Wireless Security: WPA3 and Wifi Cracking

WPA3 certification has begun. I’m not sure there’s a lot to say about the current state of wireless security beyond keeping routers up to date and using nice long passwords.

I’ll briefly revisit the ez-mode version of the testing I’ve done in the past, but it’s pretty straightforward.

Wireless Security: Hardware

I picked up an ALFA USB antenna (2.4 GHz only) a while ago to play with, and under Kali Linux you’ve got your choice of tools to look into. There are a number of graphical options, but generally if you want to learn what you’re doing you should be looking at the gold standard: Aircrack-ng.

Kali should pick the antenna up out of the box, but if you’re running Kali under a virtual machine you likely have some USB passthrough configuration to do (and is beyond the scope of this brief post).

Wireless Security: Aircrack-ng

Aircrack-ng has a wide variety of tools to play with, and here I’ll go through some of the straightforward ones.

Assuming your wifi card is detected as wlan0, putting the card into monitor mode with airmon-ng is your first step:

airmon-ng start wlan0

This gives you a new interface in monitoring mode, wlan0mon, which you’ll use to do the meat of the work here.

Your next step is to scan for your test network using airodump-ng:

airodump-ng start wlan0mon

You’ll likely get quite a list over time, assuming you’re in a populated area. There are ways to filter, like –channel and –bssid if you’d like to get more specific, but usually I just scan everything for some amount of time.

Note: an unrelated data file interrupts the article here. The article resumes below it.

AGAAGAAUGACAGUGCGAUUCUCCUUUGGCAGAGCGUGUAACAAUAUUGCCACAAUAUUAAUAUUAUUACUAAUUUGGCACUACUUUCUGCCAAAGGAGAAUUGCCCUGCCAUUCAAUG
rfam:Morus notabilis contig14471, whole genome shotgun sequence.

Aircrack-ng has a wide variety of tools to play with, and here I’ll go through some of the straightforward ones.

Wireless Security: Acquire handshakes and crack

If you’d like to crack a WEP network, simply run wesside-ng with the target AP MAC:

wesside-ng -v <target AP MAC> -i wlan0mon

And you should get a few files: wep.cap (the total packet capture), prga.log (contains PRGA for use with other tools), and key.log (contains the WEP key). wesside-ng is simple and straightforward, but you’re not likely to see any WEP APs in 2018.

If you’d like to crack a WPA/WPA2/(presumably) WPA3 network, run besside-ng with the target AP MAC:

besside-ng -b <target AP MAC> -i wlan0mon

This may take QUITE some time, as it’s monitoring to see a full four-way client handshake. No clients, no handshake! This’ll give you besside.log (a record of what happened) and wpa.cap, a full packet capture that the tool grabbed.

Once you’ve got the full wpa.cap, you can use Hashcat to attack the handshake itself. I’ll probably get around to a Hashcat post sooner or later.

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